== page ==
Pusey letter writer
Margaret Laird finds modern parallels in the archive at Hatfield House in the letters of Dr Edward Pusey to the Third Marquess of Salisbury
The Rt Hon. Lord Patten of BarnesCH, Chancellor of Oxford University, preached at High Mass in Pusey House Chapel, which was filled to capacity for the Friends’ Festival in June – a glorious and memorable occasion. Pusey House has long had an historical association with the Oxford University Chancellorship for it was a former Chancellor who chaired the appeal for the founding of the House in 1884; another who was both Chancellor and President of the Governors of the House; and yet another who, as an undergraduate, served at the altar.
Dr Edward Pusey shared with John Henry Newman and John Keble a primary concern for holiness and the text of his first sermon was ‘without holiness, no man shall see the Lord.’ Pusey also believed that responding to the call of holiness required involvement with others in order to witness to the faith in the wider world – a similar point was made by Lord Patten. Pusey himself once admitted that he did not regard business (or pleasure for that matter) as distractions from prayer, ‘for prayer,’ he wrote, ‘may take place at any time and in the midst of business or employment.’
There are at Hatfield House, seventeen letters of Dr Pusey to the Third Marquess of Salisbury, who as an undergraduate at Christ Church was strongly influenced by Pusey. Andrew Roberts, biographer of the Marquess, comments that it was Tractarianism which had provided the main spiritual and intellectual influence on the future Prime Minister. The two men greatly respected each other and after Pusey’s death, the Marquess, as Chancellor of the University, chaired the appeal for the setting up of Pusey House, its chapel and library.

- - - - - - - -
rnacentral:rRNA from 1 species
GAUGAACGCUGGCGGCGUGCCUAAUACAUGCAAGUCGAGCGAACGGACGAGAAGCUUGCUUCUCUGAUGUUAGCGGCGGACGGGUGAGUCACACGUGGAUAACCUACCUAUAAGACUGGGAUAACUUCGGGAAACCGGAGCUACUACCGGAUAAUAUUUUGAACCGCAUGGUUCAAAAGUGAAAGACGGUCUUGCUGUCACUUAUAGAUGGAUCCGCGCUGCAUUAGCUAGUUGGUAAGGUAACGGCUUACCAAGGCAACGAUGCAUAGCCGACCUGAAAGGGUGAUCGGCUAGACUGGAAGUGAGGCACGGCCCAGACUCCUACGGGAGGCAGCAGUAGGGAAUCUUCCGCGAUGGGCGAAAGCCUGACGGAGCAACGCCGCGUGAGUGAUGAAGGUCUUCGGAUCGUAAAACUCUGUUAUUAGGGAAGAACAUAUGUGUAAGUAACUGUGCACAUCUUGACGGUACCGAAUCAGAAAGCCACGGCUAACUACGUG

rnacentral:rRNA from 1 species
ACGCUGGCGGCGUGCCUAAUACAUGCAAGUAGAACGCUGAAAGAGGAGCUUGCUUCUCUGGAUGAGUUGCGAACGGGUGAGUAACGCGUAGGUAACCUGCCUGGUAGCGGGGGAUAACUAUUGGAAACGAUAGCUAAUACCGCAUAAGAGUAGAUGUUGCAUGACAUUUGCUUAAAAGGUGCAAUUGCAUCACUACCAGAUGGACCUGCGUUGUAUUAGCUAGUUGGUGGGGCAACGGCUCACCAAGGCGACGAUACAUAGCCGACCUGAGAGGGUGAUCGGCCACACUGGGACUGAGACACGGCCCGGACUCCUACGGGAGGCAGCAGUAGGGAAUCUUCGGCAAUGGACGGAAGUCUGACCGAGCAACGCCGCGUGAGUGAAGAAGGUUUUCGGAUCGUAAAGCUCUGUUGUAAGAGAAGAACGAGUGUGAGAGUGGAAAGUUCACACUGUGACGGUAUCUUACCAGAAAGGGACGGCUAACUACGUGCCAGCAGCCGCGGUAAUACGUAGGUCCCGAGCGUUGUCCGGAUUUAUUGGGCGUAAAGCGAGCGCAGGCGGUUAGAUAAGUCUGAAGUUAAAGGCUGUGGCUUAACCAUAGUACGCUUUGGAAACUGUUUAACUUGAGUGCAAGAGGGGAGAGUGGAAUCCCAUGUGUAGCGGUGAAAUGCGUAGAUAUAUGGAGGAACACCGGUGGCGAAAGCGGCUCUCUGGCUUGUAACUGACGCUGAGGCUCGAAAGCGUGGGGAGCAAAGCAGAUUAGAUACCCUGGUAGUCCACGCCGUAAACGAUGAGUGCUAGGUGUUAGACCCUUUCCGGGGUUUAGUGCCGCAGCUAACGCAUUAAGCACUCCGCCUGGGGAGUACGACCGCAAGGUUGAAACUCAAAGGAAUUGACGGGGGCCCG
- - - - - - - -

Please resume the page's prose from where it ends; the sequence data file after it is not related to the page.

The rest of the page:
Study of languages
For convincing evidence of the way in which Dr Pusey responded to the call to holiness through his involvement with so many matters, both secular and religious, we need look no further than the letters amongst the archives at Hatfield. When Lord Salisbury was Secretary of State for India, Pusey gave advice on the training of men for the Civil Service, particularly those who would work in the India Office. ‘Altogether,’ he wrote, ‘I am disappointed at the seeming meagreness of the course of study which the Civil Service Commissioners seem to have laid down.’ Men destined for India, he thought, should receive a longer, more intensive training in order to acquire a knowledge of several Eastern languages, including Arabic, Sanskrit, Persian and Hindustani. Pusey then added a personal note to prove the point. Arabic, he admitted, was the most difficult language he had learnt. ‘I had to employ,’ he wrote, ‘12–14 hours a day (Sundays excepted) for ten months on this exclusive study…and Sanskrit is so much harder.’
Another letter shows Pusey’s involvement in University matters. He expressed his concern to Lord Salisbury, as Chancellor, about a clerical Fellow who was causing problems in one of the Oxford colleges. ‘A half believing clergyman is practically much more mischievous and his unbelief much more offensive than that of a half believing layman.’